STAY-AT-HOME BIRD WEDNESDAY

The feathers of the Green Wood Hoopoe, as of many other birds, are iridescent. This means that the colors change dependent on the angle of the viewer.

Have a good bird Wednesday, stay home and stay safe!

#Christiansperkaphotography @christiansperkaphotography #thandasafari @thandasafari

STAY-AT-HOME BIRD WEDNESDAY

What is the group name for Pied Crows?

A murder of Crows 😊 A rather dramatic name for these good looking members of the clean up crew (Pied Crows are mainly scavengers). Have a good bird Wednesday, stay home and stay safe!

#Christiansperkaphotography @christiansperkaphotography #thandasafari @thandasafari

PS: Check out my lock-down site for kiddies – with a new animal pictures every day! http://www.wildlife4kids.com

STAY-AT-HOME BIRD WEDNESDAY

Southern Yellow-billed Hornbill – also know as Mr. Banana Beak 😊

Yellow-Billed Hornbills sometimes forage co-operatively with Dwarf Mongooses, catching food that the mongooses scratch up from the ground. In return, the hornbills alert the mongooses to danger from overhead raptors.

Stay home and stay safe!

#Thandasafari @thandasafari #christiansperkaphotography @christiansperkaphotography

BIRD WEDNESDAY – CRESTED GUINEA FOWL & WILDLIFE 4 KIDS

Today’s bird is the Crested Guinea Fowl. They live in family groups and often walk behind herds of large animals to collects food which they have left behind. These large ‘bush chickens’ play an important role in the control of ticks and other insects. This is a portrait which I took during one of my Lock Down Safaris.

… and now … introduction …

WILDLIFE 4 KIDS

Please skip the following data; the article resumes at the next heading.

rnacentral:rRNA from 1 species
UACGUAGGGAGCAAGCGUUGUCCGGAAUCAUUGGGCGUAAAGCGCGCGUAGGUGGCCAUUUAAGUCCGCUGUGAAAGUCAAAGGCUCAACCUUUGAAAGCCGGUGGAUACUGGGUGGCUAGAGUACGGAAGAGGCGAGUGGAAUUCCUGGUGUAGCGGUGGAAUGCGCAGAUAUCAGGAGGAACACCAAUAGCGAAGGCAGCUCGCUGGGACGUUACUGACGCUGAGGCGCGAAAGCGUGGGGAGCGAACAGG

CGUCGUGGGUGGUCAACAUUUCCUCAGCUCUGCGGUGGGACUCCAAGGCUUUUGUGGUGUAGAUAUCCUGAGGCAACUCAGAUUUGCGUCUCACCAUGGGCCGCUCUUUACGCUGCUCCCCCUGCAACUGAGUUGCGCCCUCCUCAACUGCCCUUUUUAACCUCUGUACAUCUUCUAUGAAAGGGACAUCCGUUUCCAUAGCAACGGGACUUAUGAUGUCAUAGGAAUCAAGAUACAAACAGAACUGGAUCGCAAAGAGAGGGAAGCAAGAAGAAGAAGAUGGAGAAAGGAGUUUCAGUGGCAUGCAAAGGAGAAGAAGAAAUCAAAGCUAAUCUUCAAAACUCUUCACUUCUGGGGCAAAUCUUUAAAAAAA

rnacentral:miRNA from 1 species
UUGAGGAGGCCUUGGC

http://www.wildlife4kids.com

Today I have launched a page to provide a bit of entertainment to children (and adults) during the Convid-19 crisis lock down in South Africa and all around the world.

I will regularly upload pictures with fun questions for the young ones. There is a special page on the site with all the answers http://www.wildlife4kids.com/answers/. Let’s hope you (and your children) will enjoy the pictures (and occasional short videos) which I will start publishing today.

Please note that this is a blog you need to follow in case you want to receive the updates (by email). They will not be posted on Social Media or WhatsApp.

Christian Sperka

PS: If you would like to follow my regular blog you can go to http://www.sperka.info/follow/

#Christiansperkaphotography @christiansperkaphotography

STAY-AT-HOME-FRIDAY – OSTRICH

The giant eggs – from one of which this little one hatched a short while ago – are the largest of any living bird (15cm long and weighing as much as two dozen chicken eggs).

Ostrich eggs are incubated by the dominant female by day and by the male by night and the chicks hatch after 35 to 45 days.

#christiansperkaphotography @christiansperkaphotography #pakamisagamereserve @pakamisagamereserve

BIRD WEDNESDAY – BEE-EATERS

There are 27 species of bee-eaters worldwide (in Europe, Africa, Asia and Australia). They have one of the most complex social structures of birds.

Most species are monogamous and many live in large colonies in family groups with up to four generations. They appear to recognize family members and nesting neighbors from voice recognition.

The birds in this picture are White-fronted Bee-eaters.

#Christiansperkaphotography @christiansperkaphotography #pakamisagamereserve @pakamisagamereserve

BIRD WEDNESDAY – BLUE WAXBILL

This is one of my favorite ‘tiny birds’. Blue Waxbills are sometimes called blue-cheeked cordon-bleu or blue-breasted cordon-bleu. They are quite common in Southern Africa.

#Christiansperkaphotography @christiansperkaphotography #thandasafari @thandasafari

BIRD WEDNESDAY – EUROPEAN BEE-EATERS

European Bee-eaters breed in southern Europe and in parts of north Africa and western Asia. They are migratory, wintering in Africa. I took the picture of these four last week on Thanda. Soon, they will be leaving for their flight up north.

#Christiansperkaphotography @christiansperkaphotography #thandasafari @thandasafari

BIRD WEDNESDAY – PIED KINGFISHER

This Pied Kingfisher male was feeding another Pied Kingfisher.

He is either the father or a male helper feeding either a chick or one of the breeding birds. These ‘helpers’ are males whose breeding attempts have failed.

There testosterone level is reduced and they help the species along by providing ‘catering services’!

Picture taken at Kruger National Park, Lake Panic Hide.

#Christiansperkaphotography @christiansperkaphotography